Published on October 14, 2019
A broad definition of the gig economy might include all freelance and contract workers — anyone taking a job for a finite amount of time. However, recent usage of the term “gig economy” has tended to focus on workers who find work through — and are paid by — technology platforms. The Bureau of Labor Statistics (BLS) calls this “electronically mediated work” and recently published the first government study of this group of workers, providing new insight into the gig economy.
According to the Bureau of Labor Statistics, there are 1.6 million gig economy workers in the US, defined as workers paid through tech platforms like Uber or TaskRabbit. These workers account for 1% of the US workforce.
In 2015, the Government Accountability Office estimated that people in non-traditional work arrangements could account for as much as 1/3 of the workforce.
Seventy-two percent of the 1.6 million people working gig jobs work full time, meaning more than 35 hours per week. Not all gig workers are self-employed. In fact, 63% report being an employee, rather than being self-employed. Eighty percent of self-employed gig workers don’t have a formal business entity set up.
Sixty-two percent of these workers perform their work in-person versus 38% online. In-person gig work platforms include ridesharing companies like Uber and Lyft and delivery companies like Dolly and Postmates. Online platforms include Clickworker, which tasks workers with data management and web research, and Fiverr, a platform for creative work.
Workers aged 25 to 54 are 64% of the nation’s overall workforce, but they’re an even bigger share of gig economy workers (71%). Gig economy workers are less likely than the average worker to be under 25 or older than 55; however, there are likely demographic variations depending on the industry and nature of the work.
Slightly more men are employed by the gig economy - 54% of gig workers are men compared to 46% who are women. Gig workers are less likely to be white than the rest of the working population, but white people still account for 75% of all gig workers, followed by black workers at 17% and Hispanic workers at 16%. White and Asian gig workers are more likely to perform work online, whereas black and Hispanic gig workers are more likely to work in-person gigs.
Half of gig economy workers over the age of 25 have a bachelor’s degree or higher, compared to 35% of the general population.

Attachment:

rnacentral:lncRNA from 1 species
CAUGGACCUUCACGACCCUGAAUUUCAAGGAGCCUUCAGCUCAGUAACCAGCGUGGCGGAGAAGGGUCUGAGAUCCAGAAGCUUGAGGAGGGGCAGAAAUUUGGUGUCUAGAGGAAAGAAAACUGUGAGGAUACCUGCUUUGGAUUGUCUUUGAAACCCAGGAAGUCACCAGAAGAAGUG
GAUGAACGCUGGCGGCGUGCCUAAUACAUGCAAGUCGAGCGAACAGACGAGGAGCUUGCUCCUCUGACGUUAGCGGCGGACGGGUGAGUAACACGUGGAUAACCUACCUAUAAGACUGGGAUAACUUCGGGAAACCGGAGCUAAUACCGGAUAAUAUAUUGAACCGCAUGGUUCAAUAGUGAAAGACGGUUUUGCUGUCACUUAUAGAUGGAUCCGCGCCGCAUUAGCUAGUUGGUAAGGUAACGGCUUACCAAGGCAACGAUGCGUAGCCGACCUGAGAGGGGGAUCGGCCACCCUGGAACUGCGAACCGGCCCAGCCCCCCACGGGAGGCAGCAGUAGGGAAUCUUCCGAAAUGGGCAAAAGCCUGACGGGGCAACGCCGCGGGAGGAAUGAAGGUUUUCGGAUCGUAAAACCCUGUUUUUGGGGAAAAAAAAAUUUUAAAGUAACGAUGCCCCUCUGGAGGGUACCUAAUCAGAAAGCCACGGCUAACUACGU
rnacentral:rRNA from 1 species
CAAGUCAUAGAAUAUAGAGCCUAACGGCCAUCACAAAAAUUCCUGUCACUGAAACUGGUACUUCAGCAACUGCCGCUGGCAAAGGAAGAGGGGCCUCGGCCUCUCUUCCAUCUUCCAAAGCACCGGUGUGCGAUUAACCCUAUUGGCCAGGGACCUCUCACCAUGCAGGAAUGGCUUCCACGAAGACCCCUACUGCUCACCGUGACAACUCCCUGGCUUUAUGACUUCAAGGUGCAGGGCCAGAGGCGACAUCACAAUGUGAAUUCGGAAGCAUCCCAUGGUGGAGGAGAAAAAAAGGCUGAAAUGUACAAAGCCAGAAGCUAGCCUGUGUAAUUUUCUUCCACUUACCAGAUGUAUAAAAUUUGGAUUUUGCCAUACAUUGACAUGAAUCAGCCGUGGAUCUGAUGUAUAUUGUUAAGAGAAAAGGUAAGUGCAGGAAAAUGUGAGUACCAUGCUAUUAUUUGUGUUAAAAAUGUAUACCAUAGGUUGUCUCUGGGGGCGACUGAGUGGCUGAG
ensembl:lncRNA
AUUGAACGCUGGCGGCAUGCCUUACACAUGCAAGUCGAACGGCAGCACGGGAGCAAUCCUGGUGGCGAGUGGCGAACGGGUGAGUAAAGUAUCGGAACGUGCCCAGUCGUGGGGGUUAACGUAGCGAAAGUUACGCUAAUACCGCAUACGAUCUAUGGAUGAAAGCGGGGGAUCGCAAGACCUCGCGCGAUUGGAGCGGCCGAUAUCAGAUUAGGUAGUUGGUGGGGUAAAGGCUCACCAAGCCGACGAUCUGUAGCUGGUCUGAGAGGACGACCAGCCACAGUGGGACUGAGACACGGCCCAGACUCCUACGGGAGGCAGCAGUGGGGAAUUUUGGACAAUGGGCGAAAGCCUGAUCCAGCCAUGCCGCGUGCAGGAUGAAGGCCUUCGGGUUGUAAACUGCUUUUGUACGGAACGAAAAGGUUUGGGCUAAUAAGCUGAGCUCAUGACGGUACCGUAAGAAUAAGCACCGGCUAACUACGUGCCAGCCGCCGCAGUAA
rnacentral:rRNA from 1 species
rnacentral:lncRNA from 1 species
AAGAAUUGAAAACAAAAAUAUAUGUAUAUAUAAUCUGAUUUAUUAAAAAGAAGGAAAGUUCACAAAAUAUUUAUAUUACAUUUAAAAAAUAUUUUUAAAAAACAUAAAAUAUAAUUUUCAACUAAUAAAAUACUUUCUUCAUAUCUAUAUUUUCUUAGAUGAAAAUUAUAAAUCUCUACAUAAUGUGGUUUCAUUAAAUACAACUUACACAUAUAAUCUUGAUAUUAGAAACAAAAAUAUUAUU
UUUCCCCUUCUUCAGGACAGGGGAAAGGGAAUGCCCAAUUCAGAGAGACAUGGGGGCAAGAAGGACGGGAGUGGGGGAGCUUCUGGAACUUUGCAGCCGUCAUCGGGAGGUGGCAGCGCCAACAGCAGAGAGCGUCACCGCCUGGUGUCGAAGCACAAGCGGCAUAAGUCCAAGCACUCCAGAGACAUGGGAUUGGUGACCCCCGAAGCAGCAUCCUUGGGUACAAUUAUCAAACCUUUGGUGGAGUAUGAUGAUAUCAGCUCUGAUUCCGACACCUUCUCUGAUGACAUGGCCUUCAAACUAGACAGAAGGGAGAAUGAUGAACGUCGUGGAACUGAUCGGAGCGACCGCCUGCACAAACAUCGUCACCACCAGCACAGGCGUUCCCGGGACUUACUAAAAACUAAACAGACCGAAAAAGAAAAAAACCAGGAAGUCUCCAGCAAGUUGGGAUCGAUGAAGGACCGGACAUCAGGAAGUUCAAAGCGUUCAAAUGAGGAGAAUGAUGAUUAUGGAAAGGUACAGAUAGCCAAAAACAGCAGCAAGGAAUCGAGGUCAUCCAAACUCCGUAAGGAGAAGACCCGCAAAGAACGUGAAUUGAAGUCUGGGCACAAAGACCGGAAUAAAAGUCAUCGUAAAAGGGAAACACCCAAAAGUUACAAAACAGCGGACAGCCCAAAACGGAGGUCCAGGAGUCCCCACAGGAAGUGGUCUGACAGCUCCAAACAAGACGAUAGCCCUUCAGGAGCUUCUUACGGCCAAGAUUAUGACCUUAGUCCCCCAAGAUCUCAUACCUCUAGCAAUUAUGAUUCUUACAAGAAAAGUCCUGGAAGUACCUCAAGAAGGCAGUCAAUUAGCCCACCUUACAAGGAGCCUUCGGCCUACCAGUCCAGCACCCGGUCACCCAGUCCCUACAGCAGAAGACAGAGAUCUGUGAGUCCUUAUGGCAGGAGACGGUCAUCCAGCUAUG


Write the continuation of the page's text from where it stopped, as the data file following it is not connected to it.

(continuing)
|% of all workers||78.7||12.1||5.9||16.6|
|% of all gig workers||74.6||17.1||5.8||16.4|
|16 to 24||25 to 54||55 and over|
|% of all workers||12.4||64.4||23.1|
|% of all gig workers||10.3||71.2||13.6|
|% of all workers||53.1||46.8|
|% of all gig workers||54.1||45.9|
|Less than high school||High school graduates||Some college/associate degree||Bachelor’s degree only||Advanced degree|
|% of all workers||6.2||21.9||23.5||22.0||13.9|
|% of all gig workers||4.0||17.7||23.3||25.0||19.7|
The electronically mediated work questions added to the BLS Contingent Worker Survey in 2017 represent some of the first survey data on app-based gig workers. However, more information is needed to answer pressing questions, such as why people work in the gig economy, what industries they work in, and how much people earn in these jobs compared to jobs in similar industries.
The BLS survey was conducted in May 2017 and asked survey respondents whether they’ve earned any money through gig platforms in the last week. This means we only have a one-week snapshot of the gig economy. Some people take gig jobs infrequently or seasonally; the total number of gig economy workers during a year is likely higher.
In addition, more detailed information on the types of jobs and employment status of gig economy workers should be collected. A 2019 Treasury report estimates that $69 billion in taxes goes uncollected from gig work, which would be an additional 4% in individual income tax revenue for the federal government.
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